Does Couponing Save Money? The Answer Might Surprise You
You’ve seen them on Extreme Couponing, with their mega-hauls of toilet paper and stockpiles fit to ride out the apocalypse. They have binders full of coupons, carts full of canned goods, and fat bank accounts. These couponing fanatics seem to have this whole consumerism thing figured out. They’re buying tons of stuff, but not spending a cent. It’s enough to make you grab your scissors and start clipping away.
Not so fast, say personal finance experts. While it’s true that some people save big money by using coupons, for many, couponing isn’t all it’s cracked to be.
The truth about couponing
Virtually all Americans use coupons at least occasionally, according to a RetailMeNot survey from 2014. Paper coupons — the kind you might clip from the Sunday paper — are still the most popular, with 2.4 billion redemptions in 2015, according to Marketplace. But people are also printing coupons online, entering coupon codes during an online checkout, and using mobile offers and apps to save.
Unfortunately, they might not be saving as much as they think. When used wisely, coupons can be a way to save money on things you’d buy anyway. But for many shoppers, they’re an excuse to spend.
Sixty-three percent of shoppers surveyed by Consumer Reports admit to buying things they don’t need because of a coupon or a sale. And a European study found that when people bought an item that was being promoted with a coupon they spent more overall during their shopping trip.
A 2003 study conducted by researchers at NYU offered more evidence that couponing is not always a great deal. In three studies, they found that “coupons for premium-priced products can actually make consumers spend more money than they would have spent in the absence of coupons.” In one of the studies, about 25% of coupon users ended up spending more money than they normally would have without a coupon.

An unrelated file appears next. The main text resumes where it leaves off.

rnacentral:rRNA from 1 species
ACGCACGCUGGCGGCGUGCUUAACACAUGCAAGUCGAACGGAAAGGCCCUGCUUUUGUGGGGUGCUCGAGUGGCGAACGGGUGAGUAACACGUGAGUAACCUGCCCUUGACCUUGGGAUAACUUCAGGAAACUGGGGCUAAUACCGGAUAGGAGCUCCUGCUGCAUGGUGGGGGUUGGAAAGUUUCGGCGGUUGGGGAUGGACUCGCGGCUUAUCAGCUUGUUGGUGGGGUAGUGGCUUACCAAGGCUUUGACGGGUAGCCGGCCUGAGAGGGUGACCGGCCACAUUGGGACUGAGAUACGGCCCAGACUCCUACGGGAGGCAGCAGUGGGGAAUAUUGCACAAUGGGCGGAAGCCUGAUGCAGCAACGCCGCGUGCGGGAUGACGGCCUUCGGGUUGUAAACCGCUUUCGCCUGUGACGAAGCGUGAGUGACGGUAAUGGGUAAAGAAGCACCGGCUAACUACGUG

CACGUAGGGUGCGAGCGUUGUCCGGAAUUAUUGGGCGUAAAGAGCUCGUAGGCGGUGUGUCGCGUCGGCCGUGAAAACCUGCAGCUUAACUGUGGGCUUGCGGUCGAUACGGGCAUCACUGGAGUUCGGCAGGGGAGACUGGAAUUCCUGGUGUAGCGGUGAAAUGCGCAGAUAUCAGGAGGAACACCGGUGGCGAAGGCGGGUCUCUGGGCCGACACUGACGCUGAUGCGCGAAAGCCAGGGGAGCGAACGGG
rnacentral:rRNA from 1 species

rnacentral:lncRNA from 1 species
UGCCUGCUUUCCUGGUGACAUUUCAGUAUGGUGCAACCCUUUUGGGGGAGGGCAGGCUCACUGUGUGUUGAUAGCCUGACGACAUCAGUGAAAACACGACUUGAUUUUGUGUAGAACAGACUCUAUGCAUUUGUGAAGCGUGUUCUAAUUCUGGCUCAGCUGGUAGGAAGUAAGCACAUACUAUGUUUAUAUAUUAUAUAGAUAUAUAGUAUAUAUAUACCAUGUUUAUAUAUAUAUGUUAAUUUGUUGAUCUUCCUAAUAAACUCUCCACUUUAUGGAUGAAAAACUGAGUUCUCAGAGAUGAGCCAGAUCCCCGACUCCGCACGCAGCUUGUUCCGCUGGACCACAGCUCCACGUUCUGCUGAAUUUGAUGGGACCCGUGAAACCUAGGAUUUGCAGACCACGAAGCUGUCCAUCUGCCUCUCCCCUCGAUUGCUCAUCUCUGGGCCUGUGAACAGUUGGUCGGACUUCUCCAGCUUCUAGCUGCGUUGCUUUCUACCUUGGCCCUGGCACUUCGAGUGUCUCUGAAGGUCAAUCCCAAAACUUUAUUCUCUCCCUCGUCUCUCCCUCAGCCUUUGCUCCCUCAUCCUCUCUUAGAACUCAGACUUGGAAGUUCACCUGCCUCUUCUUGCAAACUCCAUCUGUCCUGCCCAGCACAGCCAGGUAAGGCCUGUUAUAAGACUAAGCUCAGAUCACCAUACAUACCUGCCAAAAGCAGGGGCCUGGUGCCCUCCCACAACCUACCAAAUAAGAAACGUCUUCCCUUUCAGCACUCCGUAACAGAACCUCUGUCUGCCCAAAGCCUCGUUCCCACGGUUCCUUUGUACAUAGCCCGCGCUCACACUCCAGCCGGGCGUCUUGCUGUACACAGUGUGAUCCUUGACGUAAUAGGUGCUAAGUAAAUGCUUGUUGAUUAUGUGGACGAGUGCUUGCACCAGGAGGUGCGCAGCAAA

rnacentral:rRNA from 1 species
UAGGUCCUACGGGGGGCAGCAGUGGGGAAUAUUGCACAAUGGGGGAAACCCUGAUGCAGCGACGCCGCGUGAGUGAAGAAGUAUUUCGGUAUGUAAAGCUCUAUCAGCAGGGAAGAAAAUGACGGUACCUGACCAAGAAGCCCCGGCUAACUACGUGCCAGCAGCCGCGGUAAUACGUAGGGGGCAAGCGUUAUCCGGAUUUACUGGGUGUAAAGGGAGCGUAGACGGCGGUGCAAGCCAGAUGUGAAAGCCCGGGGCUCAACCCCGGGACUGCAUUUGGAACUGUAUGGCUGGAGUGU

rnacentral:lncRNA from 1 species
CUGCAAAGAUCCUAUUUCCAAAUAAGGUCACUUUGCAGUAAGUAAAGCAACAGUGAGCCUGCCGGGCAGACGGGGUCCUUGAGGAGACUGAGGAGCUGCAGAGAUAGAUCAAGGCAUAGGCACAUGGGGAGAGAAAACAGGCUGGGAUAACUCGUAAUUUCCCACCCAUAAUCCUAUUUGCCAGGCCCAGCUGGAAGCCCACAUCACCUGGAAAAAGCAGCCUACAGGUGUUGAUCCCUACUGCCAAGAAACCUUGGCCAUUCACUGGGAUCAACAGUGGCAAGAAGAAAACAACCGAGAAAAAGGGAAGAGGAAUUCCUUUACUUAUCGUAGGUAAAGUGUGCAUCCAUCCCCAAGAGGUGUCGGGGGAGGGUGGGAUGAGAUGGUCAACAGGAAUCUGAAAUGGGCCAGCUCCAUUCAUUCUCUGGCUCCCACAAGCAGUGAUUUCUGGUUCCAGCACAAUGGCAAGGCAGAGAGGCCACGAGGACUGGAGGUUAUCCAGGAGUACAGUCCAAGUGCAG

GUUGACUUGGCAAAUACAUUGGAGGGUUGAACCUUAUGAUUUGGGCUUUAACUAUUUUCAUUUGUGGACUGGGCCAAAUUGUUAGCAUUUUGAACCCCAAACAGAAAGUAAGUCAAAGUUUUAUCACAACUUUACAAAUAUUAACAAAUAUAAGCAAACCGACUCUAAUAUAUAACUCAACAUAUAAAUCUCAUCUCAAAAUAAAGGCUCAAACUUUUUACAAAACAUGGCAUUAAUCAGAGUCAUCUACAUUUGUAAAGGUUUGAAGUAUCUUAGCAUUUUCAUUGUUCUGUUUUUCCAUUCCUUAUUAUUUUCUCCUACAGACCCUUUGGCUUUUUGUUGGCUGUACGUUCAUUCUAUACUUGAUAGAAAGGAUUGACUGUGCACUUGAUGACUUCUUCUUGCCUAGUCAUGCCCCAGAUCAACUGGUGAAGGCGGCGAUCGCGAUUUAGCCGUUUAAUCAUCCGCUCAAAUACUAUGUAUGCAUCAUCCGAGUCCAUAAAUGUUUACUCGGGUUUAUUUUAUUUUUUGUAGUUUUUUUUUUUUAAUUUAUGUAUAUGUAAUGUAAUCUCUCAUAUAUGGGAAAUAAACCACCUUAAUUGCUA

Couponing comes with other costs as well. Jill of Living on a Dime confessed in a blog post that extreme couponing was causing her stress at the store and hours of her time. “It was like an addiction,” she wrote.
“Extreme couponing can lead to waste,” wrote reformed couponer Michelle Singletary in the Washington Post, noting that when you have a stockpile of items on hand, you might be more inclined to use more. “And even if it doesn’t, how much time are you wasting trying to save 20 cents. What if you just reduced your grocery bill in general? What if you took your focus off shopping and spent more time managing your spending. As I like to say, you never save when you spend. You’re just spending less.”
Should you give up on coupons?
Couponing has pitfalls, but that doesn’t necessarily mean that you should give up on it entirely. If you can save a few bucks on something you already planned to purchase by finding an online coupon code, then by all means, do so. (Or use an app like Honey to find a discount code automatically.) But if you’re loading up your cart with extras you don’t really want to get free shipping or impulsively shopping because an email advertising a 50% off deal landed in your inbox, you might have fallen into the trap of spending money to save money.
The same goes for grocery coupons. Using a coupon to save money on the cereal you were already going to buy for your kids is smart. But buying a box of the cereal your family hates and will refuse to eat just because you had a $1 coupon is the opposite of frugal.
In the end, saving money with coupons is all about being a disciplined consumer. If you have the time and inclination, you can save. But if you’re frustrated with all the fine print and don’t want to deal with the hassle of finding and keeping track of deals, you might find that there are better ways to save. Switching to a store like Aldi, which offers low prices but doesn’t take coupons, buying in bulk at Costco or Sam’s Club, and cutting down on expensive name-brand packaged foods, and simply shopping less could lead to greater savings than a coupon ever would.
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